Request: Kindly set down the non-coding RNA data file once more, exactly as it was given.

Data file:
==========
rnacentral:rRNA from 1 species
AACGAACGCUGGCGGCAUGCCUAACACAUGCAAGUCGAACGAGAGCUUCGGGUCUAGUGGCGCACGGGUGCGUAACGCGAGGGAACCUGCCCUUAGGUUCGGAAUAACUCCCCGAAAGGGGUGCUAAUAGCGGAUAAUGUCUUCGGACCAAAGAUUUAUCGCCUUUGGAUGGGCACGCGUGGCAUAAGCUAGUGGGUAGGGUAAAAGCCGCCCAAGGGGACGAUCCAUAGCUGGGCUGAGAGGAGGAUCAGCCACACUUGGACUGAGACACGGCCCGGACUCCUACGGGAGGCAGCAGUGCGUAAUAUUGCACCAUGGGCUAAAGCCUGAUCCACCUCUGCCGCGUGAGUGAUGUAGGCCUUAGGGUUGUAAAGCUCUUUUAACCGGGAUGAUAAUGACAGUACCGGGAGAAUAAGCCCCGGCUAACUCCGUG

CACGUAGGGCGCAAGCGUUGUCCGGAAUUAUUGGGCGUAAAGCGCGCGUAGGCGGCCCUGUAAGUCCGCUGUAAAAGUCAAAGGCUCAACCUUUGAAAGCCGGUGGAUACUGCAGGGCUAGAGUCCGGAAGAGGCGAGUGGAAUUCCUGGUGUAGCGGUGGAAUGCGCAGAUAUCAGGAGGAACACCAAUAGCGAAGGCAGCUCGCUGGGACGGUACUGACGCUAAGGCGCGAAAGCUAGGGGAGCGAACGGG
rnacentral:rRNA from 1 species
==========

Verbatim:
rnacentral:rRNA from 1 species
AACGAACGCUGGCGGCAUGCCUAACACAUGCAAGUCGAACGAGAGCUUCGGGUCUAGUGGCGCACGGGUGCGUAACGCGAGGGAACCUGCCCUUAGGUUCGGAAUAACUCCCCGAAAGGGGUGCUAAUAGCGGAUAAUGUCUUCGGACCAAAGAUUUAUCGCCUUUGGAUGGGCACGCGUGGCAUAAGCUAGUGGGUAGGGUAAAAGCCGCCCAAGGGGACGAUCCAUAGCUGGGCUGAGAGGAGGAUCAGCCACACUUGGACUGAGACACGGCCCGGACUCCUACGGGAGGCAGCAGUGCGUAAUAUUGCACCAUGGGCUAAAGCCUGAUCCACCUCUGCCGCGUGAGUGAUGUAGGCCUUAGGGUUGUAAAGCUCUUUUAACCGGGAUGAUAAUGACAGUACCGGGAGAAUAAGCCCCGGCUAACUCCGUG

CACGUAGGGCGCAAGCGUUGUCCGGAAUUAUUGGGCGUAAAGCGCGCGUAGGCGGCCCUGUAAGUCCGCUGUAAAAGUCAAAGGCUCAACCUUUGAAAGCCGGUGGAUACUGCAGGGCUAGAGUCCGGAAGAGGCGAGUGGAAUUCCUGGUGUAGCGGUGGAAUGCGCAGAUAUCAGGAGGAACACCAAUAGCGAAGGCAGCUCGCUGGGACGGUACUGACGCUAAGGCGCGAAAGCUAGGGGAGCGAACGGG
rnacentral:rRNA from 1 species